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U.S. Postal Inspector Charged with Mail Theft, Obstruction of Justice, and Money Laundering

December 11, 2023

READ FULL ARTICLE AT » United States Department of Justice

A federal grand jury in the Eastern District of Louisiana returned an indictment yesterday charging a U.S. Postal Inspector with mail theft, obstruction of justice, and money laundering.

According to the indictment, Michael Morse, 52, of Madisonville, Louisiana, served as a Postal Inspector in the U.S. Postal Inspection Service. In this role, Morse was responsible for investigating and preventing crime that involved the mail, including mail and package theft. Despite this duty, on Nov. 12, 2020, Morse allegedly stole a Priority Mail Express package from a U.S. Postal Service processing and distribution center and removed from the package cash and a global positioning system (GPS) tracking device. Further, Morse allegedly obstructed justice when he knowingly attempted to mislead other law enforcement officers about the package and the GPS device. Morse also allegedly engaged in money laundering when he deposited cash and pre-paid cards constituting proceeds of the mail theft in various cryptocurrency and precious metal accounts.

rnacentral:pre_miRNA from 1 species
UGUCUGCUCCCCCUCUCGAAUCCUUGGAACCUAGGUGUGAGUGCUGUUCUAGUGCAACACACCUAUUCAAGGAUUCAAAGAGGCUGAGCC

Morse is charged with one count of mail theft, one count of obstruction of justice, and nine counts of money laundering. If convicted, he faces a maximum penalty of five years in prison on the mail theft count and 20 years in prison on the obstruction of justice and each of the money laundering counts.

Acting Assistant Attorney General Nicole M. Argentieri of the Justice Department’s Criminal Division and Acting Executive Special Agent in Charge Dimitriana Nikolov of the USPS Office of Inspector General’s (USPS-OIG) Special Inquiries Division made the announcement.

The USPS-OIG is investigating the case.

Trial Attorneys Trevor Wilmot and Jacob Steiner of the Criminal Divion’s Public Integrity Section (PIN) are prosecuting the case, with valuable assistance from former PIN Trial Attorney Jolee Porter.

An indictment is merely an allegation. All defendants are presumed innocent until proven guilty beyond a reasonable doubt in a court of law.

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